From time to time, we’ll be talking to great Australian authors about their local history and what inspired them to start researching and writing their stories.
This week we talk to Margaret Simpson, author of On the Move: a history of transport in Australia. On the move explores the fascinating stories behind the many and varied forms of transport and travel in Australia from early Indigenous trade routes to the high-tech vehicles of the early 21st century. Drawing on the Powerhouse Museum’s diverse transport collection, the book gives a unique insight into how different modes of transport were adapted to meet the challenges of distance and isolation across this vast continent. Find out how Afghan cameleers maintained their packsaddles to stop saddle sores, how Holden cars cornered the market, how Australian aviators conquered the skies, and why riding in a Cobb & Co coach could make you feel seasick. This beautifully illustrated publication is a must for anyone wanting to see transport history really come to life.
Recommended for transport enthusiasts and anyone interested in Australian social history, innovation and design. With links to the curriculum for upper primary and secondary, this book is an invaluable resource for students of Australian history, design and technology.
As cities around Australia grapple with increasing traffic congestion many people feel that the future lies in light rail but why did the trams disappear from our streets?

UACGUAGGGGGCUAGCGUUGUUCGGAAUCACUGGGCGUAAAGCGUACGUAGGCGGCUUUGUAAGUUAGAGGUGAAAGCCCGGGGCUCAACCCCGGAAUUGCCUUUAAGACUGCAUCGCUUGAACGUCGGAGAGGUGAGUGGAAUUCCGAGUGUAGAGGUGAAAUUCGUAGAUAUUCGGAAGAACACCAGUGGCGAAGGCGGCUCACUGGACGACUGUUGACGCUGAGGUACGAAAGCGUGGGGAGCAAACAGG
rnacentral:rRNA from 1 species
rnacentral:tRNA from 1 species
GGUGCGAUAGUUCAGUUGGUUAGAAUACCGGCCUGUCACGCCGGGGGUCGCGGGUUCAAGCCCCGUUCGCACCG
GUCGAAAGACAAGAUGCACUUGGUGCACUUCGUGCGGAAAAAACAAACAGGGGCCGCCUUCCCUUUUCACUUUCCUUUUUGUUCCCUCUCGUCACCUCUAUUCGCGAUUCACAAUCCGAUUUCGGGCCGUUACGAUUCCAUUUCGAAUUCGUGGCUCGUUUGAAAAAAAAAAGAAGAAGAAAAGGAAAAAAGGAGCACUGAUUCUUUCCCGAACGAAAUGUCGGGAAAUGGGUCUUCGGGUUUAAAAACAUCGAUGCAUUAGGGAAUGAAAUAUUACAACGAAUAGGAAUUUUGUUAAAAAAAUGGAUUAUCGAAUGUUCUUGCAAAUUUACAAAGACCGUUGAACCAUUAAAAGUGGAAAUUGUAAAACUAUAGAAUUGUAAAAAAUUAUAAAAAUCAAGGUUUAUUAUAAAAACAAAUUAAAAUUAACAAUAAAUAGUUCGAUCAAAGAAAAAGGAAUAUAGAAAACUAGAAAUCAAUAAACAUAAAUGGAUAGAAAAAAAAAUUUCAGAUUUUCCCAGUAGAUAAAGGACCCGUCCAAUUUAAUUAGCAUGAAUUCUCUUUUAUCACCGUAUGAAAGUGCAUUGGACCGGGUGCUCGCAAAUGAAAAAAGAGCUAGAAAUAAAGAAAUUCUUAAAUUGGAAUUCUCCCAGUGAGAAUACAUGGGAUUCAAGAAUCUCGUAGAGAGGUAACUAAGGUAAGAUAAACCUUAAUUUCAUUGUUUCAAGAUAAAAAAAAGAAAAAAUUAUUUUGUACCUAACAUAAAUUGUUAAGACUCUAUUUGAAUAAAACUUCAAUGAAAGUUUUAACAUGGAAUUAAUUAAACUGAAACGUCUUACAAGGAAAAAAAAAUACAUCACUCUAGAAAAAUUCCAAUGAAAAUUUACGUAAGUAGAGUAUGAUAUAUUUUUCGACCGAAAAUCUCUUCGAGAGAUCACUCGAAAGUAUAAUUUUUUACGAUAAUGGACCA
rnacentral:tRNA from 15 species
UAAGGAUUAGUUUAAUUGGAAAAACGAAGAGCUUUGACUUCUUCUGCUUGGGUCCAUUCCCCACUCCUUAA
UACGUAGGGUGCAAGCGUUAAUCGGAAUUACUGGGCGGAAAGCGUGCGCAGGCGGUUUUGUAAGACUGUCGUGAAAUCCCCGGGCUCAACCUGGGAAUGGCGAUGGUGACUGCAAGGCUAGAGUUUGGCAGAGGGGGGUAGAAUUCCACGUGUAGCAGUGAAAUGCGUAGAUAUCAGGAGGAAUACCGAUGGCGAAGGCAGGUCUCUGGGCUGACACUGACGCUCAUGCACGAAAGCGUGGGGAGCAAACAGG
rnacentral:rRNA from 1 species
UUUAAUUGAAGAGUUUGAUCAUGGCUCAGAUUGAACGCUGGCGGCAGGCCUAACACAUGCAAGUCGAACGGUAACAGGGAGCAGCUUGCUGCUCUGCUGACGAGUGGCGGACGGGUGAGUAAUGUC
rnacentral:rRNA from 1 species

Governments, local authorities and private companies all over Australia pushed tramlines out into suburbs, quite often preceding urban development. After the Second World War, however, with the motor car on the rise, police, motoring organisations and many newspapers began to turn on the trams. They were seen unfairly as the cause of city congestion and an old fashioned relic of the 19th century, not wanted in a modern automobile-based city. Tramways and other public transport systems all over Australia had been under great strain during the war, and many were in a badly worn state at its conclusion. As public transport patronage began to drop off in favour of the car, administrators were not inclined to spend large amounts of money maintaining or expanding the tramways. A policy of conversion to trolley bus or motorbus operation was soon adopted by almost all operators except Melbourne. During the 1950s most of the country’s great tramway systems were dismantled in a series of ill-considered decisions, including those in Newcastle, Kalgoorlie, Fremantle, Launceston, Adelaide (except the Glenelg line), Perth and Geelong. The closure of the immense Sydney system began in 1956 its replacement by diesel buses being spread over five years. As soon as the last tram had passed, the overhead wires were removed and tracks tarred over the next morning to prevent trams being reintroduced if buses were a failure. Hobart’s tramways closed in 1960 and Brisbane’s in 1969. Only Melbourne resisted the anti-tram lobby as its wide streets laid out in a grid pattern could accommodate both trams and cars. Today it is the only major city of the English-speaking world to retain its tramway system in tact, even expanding it.